Resumes 101 – How Many Pages Should a Resume Be?

Resumes 101 – How Many Pages Should a Resume Be?

There's a lot that goes into a resume, and because of that, some resumes tend to get a bit out of control when it comes to how long they are.

How many pages should a resume be? While there are no exact rules out there on how long a resume needs to be (or how short), you do want to consider at what length a potential employer is going to want to read your info.

Some businesses will just toss a lengthy resume in the trash, instead of reading it. Your resume needs to be only two or three pages long. It shouldn't surpass that, and if it does, you risk a potential employer throwing it away.

What Is a Resume?
And, How Many Pages Should a Resume Be?

The concept of a resume is to summarize your information pertaining to your work history, your education, any credentials or accomplishments you have, as well as specialized skills – all pertaining to a career path you want to take. Sometimes your resume will also include a summary statement that describes your career in a few short sentences and an objective which describes what you're looking for with this resume, though these last to aren't always required anymore.

You want your resume to be easy and quick to read, which will factor into how many pages your resume should be, but you also want it to get the point across. That means listing the job experiences that are fitting to the particular position you are applying to, as well as information about what you did at those jobs (that, again, pertains to the position you're looking to fill now).

You will list your work and educational experiences in chronological order, beginning with the most recent. There are some different formats, depending on the job you're applying to. In general, you want these couple sheets of paper to tell people why you're perfect for the job with enough left out to give them the intrigue they need to call you in for an interview.

Do You Need a CV or a Resume?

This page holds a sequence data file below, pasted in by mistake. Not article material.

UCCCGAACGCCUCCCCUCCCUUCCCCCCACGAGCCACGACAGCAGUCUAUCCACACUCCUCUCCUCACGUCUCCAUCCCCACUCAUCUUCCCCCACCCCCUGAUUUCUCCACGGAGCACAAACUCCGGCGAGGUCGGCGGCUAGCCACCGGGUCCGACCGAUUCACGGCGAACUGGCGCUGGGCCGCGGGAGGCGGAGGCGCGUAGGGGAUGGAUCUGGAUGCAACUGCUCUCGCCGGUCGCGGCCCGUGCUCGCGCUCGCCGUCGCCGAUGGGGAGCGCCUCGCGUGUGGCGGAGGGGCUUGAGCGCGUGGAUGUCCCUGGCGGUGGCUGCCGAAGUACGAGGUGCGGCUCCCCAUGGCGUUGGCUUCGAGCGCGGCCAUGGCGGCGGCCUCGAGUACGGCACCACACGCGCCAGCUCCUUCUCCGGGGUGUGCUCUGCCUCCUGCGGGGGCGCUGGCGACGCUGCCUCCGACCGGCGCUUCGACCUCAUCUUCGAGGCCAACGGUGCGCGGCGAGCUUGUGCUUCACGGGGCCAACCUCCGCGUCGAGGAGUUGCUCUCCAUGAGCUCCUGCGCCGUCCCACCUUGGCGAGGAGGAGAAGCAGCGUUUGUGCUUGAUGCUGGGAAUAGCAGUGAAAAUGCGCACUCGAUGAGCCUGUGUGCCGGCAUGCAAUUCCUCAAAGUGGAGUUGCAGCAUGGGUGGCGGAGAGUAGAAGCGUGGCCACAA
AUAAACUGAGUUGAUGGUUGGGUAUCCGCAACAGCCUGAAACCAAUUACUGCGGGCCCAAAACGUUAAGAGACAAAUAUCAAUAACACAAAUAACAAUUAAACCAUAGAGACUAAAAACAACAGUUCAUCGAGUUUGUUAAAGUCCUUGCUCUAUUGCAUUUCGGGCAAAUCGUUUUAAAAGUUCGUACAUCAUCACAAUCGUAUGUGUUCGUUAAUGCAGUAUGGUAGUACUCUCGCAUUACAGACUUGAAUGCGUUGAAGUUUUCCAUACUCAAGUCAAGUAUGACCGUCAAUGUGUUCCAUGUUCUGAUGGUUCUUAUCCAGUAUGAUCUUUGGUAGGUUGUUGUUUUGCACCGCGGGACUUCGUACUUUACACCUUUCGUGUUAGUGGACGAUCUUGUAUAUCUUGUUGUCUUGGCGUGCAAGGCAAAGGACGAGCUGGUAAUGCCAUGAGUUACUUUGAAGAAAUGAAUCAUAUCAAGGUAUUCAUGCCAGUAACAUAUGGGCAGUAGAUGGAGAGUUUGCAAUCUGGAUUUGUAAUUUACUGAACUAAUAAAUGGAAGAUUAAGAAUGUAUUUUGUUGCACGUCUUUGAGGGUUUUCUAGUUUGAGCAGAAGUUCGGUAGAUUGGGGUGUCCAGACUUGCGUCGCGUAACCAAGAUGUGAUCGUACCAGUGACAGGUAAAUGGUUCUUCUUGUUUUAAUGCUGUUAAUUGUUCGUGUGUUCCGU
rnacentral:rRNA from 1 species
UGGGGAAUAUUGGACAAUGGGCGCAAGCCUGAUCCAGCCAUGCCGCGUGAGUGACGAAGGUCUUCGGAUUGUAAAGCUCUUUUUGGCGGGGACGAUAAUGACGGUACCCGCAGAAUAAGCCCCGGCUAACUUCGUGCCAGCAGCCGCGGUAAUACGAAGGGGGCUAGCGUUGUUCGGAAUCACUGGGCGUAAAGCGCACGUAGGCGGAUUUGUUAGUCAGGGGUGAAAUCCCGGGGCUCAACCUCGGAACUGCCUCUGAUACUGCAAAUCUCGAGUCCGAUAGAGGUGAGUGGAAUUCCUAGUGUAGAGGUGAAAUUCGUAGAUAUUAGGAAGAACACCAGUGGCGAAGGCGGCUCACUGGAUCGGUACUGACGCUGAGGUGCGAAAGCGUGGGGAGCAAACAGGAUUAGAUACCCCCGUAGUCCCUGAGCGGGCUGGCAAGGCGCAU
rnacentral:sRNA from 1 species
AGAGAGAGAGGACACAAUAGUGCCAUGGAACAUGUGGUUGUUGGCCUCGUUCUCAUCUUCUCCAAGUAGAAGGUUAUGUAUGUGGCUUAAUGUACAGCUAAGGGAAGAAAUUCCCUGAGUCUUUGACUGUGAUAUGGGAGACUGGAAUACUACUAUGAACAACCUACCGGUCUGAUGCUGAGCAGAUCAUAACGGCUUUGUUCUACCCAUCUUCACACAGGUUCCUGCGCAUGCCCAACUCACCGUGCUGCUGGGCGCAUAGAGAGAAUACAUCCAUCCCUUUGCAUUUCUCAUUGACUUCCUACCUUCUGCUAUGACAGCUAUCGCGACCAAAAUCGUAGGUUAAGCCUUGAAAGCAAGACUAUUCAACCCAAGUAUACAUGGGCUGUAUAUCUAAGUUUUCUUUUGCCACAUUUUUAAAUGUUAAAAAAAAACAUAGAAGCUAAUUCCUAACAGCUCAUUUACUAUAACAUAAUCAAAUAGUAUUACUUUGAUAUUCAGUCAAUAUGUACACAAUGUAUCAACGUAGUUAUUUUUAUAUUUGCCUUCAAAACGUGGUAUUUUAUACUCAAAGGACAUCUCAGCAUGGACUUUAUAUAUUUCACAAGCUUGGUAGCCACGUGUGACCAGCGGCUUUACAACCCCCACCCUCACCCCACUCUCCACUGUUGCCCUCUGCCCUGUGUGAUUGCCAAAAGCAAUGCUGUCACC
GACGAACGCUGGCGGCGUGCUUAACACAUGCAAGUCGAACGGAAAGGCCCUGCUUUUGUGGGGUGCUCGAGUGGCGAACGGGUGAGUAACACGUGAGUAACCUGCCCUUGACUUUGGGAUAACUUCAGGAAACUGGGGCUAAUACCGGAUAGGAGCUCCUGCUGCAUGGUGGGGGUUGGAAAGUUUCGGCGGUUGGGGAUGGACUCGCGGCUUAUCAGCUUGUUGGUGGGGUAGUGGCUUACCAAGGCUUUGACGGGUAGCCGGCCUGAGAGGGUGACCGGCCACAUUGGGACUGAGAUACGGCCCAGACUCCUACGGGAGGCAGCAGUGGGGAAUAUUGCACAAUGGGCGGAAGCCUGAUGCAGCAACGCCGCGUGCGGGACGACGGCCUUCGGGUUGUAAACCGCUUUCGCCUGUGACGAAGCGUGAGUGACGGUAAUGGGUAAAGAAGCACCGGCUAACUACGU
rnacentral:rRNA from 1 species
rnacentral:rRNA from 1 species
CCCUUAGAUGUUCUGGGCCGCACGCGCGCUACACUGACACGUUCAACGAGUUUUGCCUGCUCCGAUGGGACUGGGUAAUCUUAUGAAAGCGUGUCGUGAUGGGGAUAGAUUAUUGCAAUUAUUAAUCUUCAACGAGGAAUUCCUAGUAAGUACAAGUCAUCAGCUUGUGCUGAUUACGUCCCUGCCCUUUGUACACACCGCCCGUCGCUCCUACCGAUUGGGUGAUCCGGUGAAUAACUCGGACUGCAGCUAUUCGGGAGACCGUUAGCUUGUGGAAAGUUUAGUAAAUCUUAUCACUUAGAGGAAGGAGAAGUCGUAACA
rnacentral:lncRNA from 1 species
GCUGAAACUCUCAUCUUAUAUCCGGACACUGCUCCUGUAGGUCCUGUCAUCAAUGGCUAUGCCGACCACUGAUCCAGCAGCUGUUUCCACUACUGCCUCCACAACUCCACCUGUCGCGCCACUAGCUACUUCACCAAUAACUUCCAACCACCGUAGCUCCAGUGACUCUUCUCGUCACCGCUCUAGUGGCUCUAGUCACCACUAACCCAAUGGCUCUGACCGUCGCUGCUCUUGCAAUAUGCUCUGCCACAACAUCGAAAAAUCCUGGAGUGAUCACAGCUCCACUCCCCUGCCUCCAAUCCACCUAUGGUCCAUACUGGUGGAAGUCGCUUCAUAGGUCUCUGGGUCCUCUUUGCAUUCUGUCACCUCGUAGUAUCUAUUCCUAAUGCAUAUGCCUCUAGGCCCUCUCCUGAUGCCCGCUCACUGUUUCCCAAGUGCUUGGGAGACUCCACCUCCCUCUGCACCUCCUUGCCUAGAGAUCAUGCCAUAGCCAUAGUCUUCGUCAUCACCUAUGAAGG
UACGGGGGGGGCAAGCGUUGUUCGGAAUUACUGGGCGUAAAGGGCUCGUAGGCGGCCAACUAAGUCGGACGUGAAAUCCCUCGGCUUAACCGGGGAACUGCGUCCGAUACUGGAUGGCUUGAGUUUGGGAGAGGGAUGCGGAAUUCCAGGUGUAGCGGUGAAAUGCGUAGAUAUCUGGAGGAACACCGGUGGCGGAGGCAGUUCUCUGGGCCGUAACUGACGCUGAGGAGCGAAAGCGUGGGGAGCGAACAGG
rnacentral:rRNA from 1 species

man thinking

Depending on the type of work you're looking for, you may see the term CV used instead of a resume. A CV is short for curriculum vitae. These CVs don't need to be short like a resume, so they give you some extra leeway when it comes to covering all of your past experience. Aside from length, there are other differences between a CV and a resume.

CVs include the same info as a resume, but more of it. You won't just include your job and education experience, but also teaching experience, awards you've earned, publications you've been printed in, affiliations you have, and research you've done. This is a “resume” used in academia, most often, but is becoming popular in some contract work (if you're a professional or freelance writer you may see the term often while gig hunting online).

This resume alternative will still include a summary of your experiences, as well as a list of skills. You may also be requested to first turn in a curriculum vitae summary, which is a one or two-page version of your CV that gives a concise overview of your qualifications for the job you're applying to and your specific skills.

Should You Use a CV?

Normally you won't use a CV unless one is specifically requested from you since it is something that isn't very common in the United States (although it is growing more common). However, CVs are used more often than resumes in other countries. If you're applying for a job in medicine or in a college setting, a CV is a must.

CVs are also used when applying for grants and fellowships, as a way to show the people considering giving you money what work you've done and will be doing when it comes to using those funds.

Tips for Designing Your Resume

seal of experience

You can use these same tips for creating a CV, just be less brief and cover more ground in what you share.

How many pages should a resume be? With a resume, two pages is a good place to aim for. Anything longer and your potential employer will be less likely to read it unless you have some really awesome and eye-catching information within.